To my mind these are far more like the stamps of old that I had to go to a Post Office to buy. I am still a bit confused as to why we have both the Post&Gos with service indicators spelt out in a large font as well as these. I am guessing these will slowly replace the others as I understand that the machines can dispense a much bigger range than the few in the current form.

Unless I have missed something, the only difference between the two would be that the new style have to be used on the day they're issued whereas the others can be hoarded for years and used at some point in the future. Ah! Is that a pertinent factor for dealers? If the items have no validity for post a few hours after being dispensed then a dealer's stock value has no bottom floor. There will always be someone who'll buy mint 'stamps' - and as time passes rate increases should ensure that even offering a discount on face value need not mean making a loss - but the only people who can determine a price for the new items are us collectors. (I am taking the collectors' side here as I'm not much of a dealer really) No-one wants to be in our hands! Imagine: we could all decide that some issue is very tedious and not wish to pay more than a few pence for them but get very excited over another and the dealers will have no idea what to expect.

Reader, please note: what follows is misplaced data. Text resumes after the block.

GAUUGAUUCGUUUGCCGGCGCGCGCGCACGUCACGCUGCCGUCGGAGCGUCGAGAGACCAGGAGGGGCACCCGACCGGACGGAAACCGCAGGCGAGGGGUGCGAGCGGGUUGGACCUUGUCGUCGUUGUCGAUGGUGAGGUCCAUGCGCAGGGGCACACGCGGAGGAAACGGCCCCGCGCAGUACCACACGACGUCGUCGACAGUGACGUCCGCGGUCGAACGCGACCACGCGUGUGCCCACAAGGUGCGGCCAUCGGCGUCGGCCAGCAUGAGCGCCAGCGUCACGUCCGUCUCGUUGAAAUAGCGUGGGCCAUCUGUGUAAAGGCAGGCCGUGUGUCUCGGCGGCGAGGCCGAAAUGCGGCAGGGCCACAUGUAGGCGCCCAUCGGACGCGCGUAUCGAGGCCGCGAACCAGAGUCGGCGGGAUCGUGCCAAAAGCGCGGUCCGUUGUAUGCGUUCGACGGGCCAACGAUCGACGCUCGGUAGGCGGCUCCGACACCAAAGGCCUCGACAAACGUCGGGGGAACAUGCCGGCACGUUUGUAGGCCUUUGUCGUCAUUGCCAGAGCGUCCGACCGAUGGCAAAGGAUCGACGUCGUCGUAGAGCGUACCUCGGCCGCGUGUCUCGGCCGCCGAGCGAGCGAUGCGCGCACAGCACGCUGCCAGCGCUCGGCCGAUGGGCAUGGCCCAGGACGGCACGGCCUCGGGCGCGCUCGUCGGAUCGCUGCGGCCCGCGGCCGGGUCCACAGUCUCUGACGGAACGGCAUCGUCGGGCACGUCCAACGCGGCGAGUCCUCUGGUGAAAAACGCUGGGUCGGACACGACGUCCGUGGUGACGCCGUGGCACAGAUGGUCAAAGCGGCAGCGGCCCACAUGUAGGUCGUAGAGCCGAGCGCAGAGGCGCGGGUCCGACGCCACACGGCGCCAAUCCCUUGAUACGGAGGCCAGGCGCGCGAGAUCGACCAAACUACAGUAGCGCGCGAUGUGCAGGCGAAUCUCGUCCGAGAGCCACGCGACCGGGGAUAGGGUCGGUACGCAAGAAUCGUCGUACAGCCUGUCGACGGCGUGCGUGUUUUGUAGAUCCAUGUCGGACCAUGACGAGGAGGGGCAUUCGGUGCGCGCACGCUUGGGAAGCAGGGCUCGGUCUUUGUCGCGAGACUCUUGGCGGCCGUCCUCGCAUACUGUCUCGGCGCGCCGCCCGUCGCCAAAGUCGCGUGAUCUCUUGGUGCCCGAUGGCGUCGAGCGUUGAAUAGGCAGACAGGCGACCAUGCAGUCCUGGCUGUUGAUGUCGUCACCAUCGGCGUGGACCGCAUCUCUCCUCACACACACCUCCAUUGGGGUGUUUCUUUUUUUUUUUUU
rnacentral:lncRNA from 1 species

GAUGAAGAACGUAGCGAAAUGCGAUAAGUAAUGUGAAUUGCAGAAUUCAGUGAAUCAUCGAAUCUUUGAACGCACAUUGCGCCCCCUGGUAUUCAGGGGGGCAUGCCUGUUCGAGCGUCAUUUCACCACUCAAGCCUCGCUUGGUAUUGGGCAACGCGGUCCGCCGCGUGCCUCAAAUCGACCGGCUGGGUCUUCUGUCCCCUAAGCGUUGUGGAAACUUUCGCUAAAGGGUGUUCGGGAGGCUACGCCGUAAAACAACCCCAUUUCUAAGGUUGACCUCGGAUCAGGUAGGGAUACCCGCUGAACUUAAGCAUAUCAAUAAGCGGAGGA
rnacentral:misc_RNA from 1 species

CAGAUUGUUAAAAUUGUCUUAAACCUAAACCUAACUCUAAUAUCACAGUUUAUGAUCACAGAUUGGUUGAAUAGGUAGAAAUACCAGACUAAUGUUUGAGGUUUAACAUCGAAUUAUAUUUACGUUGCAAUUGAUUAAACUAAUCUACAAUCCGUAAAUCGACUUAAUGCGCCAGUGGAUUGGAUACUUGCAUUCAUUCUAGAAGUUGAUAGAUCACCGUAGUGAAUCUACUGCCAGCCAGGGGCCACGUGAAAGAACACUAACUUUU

Well, maybe they should. Careful observation of the market should give the smart ones a good idea of what is likely to be in demand and where shortages might mean decent prices can apply. Take the extraordinarily short period when the items illustrated were available. A few days after these were printed the rates rose to 53p and 62p and you won't see either rate again in those colours unless something very strange happens like predictions of negative inflation prove correct but then we'll have more problems than whether dealers should list these items to worry about.

At least in writing this I have envisaged some vaguely reasonable explanation for why some dealers don't want to stock these things but I do still dispute this business of whether or not they are 'stamps'. They may not satisfy some old definition but as far as I'm concerned they're something a stamp collector would collect. and if what a stamp collector collects isn't stamps then we need a different name. But we'll still collect them, whatever they're called. How about notstamps?